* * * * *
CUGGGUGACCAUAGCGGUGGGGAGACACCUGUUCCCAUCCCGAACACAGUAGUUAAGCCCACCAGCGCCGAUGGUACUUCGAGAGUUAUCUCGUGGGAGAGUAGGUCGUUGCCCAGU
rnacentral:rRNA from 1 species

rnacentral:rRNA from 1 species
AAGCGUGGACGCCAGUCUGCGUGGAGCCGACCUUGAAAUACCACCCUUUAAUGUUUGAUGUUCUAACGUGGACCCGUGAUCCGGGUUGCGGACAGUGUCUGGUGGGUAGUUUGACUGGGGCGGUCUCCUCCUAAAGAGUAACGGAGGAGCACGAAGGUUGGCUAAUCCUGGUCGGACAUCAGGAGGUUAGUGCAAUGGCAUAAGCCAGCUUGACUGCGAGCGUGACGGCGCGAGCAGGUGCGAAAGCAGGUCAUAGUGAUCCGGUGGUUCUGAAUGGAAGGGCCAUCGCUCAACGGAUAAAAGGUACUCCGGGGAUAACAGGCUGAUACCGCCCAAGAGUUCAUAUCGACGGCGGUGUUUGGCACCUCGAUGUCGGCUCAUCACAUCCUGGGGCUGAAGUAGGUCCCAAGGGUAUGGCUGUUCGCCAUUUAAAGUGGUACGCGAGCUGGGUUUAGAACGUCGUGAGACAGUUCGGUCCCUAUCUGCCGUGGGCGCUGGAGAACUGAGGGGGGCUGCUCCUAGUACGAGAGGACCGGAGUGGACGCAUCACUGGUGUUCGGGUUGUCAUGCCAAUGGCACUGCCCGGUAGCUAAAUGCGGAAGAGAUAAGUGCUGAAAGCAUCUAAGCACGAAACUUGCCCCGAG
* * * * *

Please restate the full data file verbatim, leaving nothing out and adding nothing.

CUGGGUGACCAUAGCGGUGGGGAGACACCUGUUCCCAUCCCGAACACAGUAGUUAAGCCCACCAGCGCCGAUGGUACUUCGAGAGUUAUCUCGUGGGAGAGUAGGUCGUUGCCCAGU
rnacentral:rRNA from 1 species

rnacentral:rRNA from 1 species
AAGCGUGGACGCCAGUCUGCGUGGAGCCGACCUUGAAAUACCACCCUUUAAUGUUUGAUGUUCUAACGUGGACCCGUGAUCCGGGUUGCGGACAGUGUCUGGUGGGUAGUUUGACUGGGGCGGUCUCCUCCUAAAGAGUAACGGAGGAGCACGAAGGUUGGCUAAUCCUGGUCGGACAUCAGGAGGUUAGUGCAAUGGCAUAAGCCAGCUUGACUGCGAGCGUGACGGCGCGAGCAGGUGCGAAAGCAGGUCAUAGUGAUCCGGUGGUUCUGAAUGGAAGGGCCAUCGCUCAACGGAUAAAAGGUACUCCGGGGAUAACAGGCUGAUACCGCCCAAGAGUUCAUAUCGACGGCGGUGUUUGGCACCUCGAUGUCGGCUCAUCACAUCCUGGGGCUGAAGUAGGUCCCAAGGGUAUGGCUGUUCGCCAUUUAAAGUGGUACGCGAGCUGGGUUUAGAACGUCGUGAGACAGUUCGGUCCCUAUCUGCCGUGGGCGCUGGAGAACUGAGGGGGGCUGCUCCUAGUACGAGAGGACCGGAGUGGACGCAUCACUGGUGUUCGGGUUGUCAUGCCAAUGGCACUGCCCGGUAGCUAAAUGCGGAAGAGAUAAGUGCUGAAAGCAUCUAAGCACGAAACUUGCCCCGAG